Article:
Organ At Risk

Organ At Risk

Save our rare, historic, hydraulic powered organ.

After 146 years of dedicated service, urgent repairs are needed to save this important instrument, the future of innovative festival Organ Reframed – the only festival of its kind in the UK – plus continue to culturally enhance and teach children and disadvantaged groups.


We need to raise £130,000 by January 2024.

Every donation and share helps.



Although the organ has been regularly cared for over the years, (including a complete restoration in 2012-13 by Durham’s prestigious organ builders Harrison and Harrison), a mechanical instrument of this vintage is incredibly vulnerable - not only from its ageing timbers but also from several other factors including regular use and changes in temperature and humidity.

Through regular observation, since the restoration there have been no concerning conditions which have posed threat to the stability of the instrument, however with the building temperature dramatically dropping during the forced closure during the pandemic, followed by the increasingly dry hot summers, Union Chapel have experienced climate activity never seen before.

In the winter of 2022, because of these extreme fluctuations in temperature and humidity a significant crack appeared across the Swell section of the organ, causing this part of the instrument to become unplayable. The majority of Chapel’s organ activities have been on hold since then, including its world-famous festival Organ Reframed, until this part of the organ is dismantled and repaired at Harrison & Harrison’s workshop in Durham. On its return a humidifier will be installed to combat these unknown future changes in weather due to our climate crisis.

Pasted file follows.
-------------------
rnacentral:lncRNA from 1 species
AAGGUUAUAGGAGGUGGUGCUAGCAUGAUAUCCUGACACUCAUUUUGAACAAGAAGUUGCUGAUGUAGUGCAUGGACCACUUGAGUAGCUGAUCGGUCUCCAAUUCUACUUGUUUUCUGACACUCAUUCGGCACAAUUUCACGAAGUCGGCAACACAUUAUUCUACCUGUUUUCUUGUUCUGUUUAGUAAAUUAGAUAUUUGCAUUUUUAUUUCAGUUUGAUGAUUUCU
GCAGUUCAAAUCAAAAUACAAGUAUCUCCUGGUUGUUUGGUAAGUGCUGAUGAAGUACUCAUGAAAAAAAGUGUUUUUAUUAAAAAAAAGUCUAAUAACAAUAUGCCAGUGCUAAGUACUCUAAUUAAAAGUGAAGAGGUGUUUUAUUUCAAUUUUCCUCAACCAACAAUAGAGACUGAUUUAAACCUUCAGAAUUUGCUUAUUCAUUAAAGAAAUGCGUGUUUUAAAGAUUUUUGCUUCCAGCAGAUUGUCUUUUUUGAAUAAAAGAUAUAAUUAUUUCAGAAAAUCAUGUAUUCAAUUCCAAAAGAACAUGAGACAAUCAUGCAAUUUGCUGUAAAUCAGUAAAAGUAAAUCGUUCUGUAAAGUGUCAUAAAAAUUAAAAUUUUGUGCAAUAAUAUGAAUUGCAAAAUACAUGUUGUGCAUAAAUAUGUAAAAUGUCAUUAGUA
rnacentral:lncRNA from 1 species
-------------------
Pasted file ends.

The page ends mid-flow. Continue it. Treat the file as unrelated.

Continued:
“After regular observation and meticulous care of the organ since the restoration in 2012-13, it is heartbreaking to see our historic gem suffer damage from the period when I was unable to monitor conditions so closely. After pausing the organ programme this year to concentrate on submitting urgent funding applications, we now desperately need help from the public to make sure we can proceed with the repair in January so that the organ programme and festival can resume, and the organ can continue to play its central role in the Chapel for generations to come.” - Claire M Singer, Music Director of the Organ



KEEP UP TO DATE WITH OUR TARGET by signing up for Heritage updates here or follow our socials @unionchapeluk


"I'm very fond of Union Chapel, many of us are... I think its a fantastic story and its a wonderful venue and I really hope you get your problems sorted out" - Robert Elms from BBC Radio London interview with Claire here starting 2:12:50.


Hear about the devastating moment the crack was discovered and what it means in this BBC Radio London interview from 1:25:18.


OUR ORGAN'S LEGACY - Cultural and Educational Innovation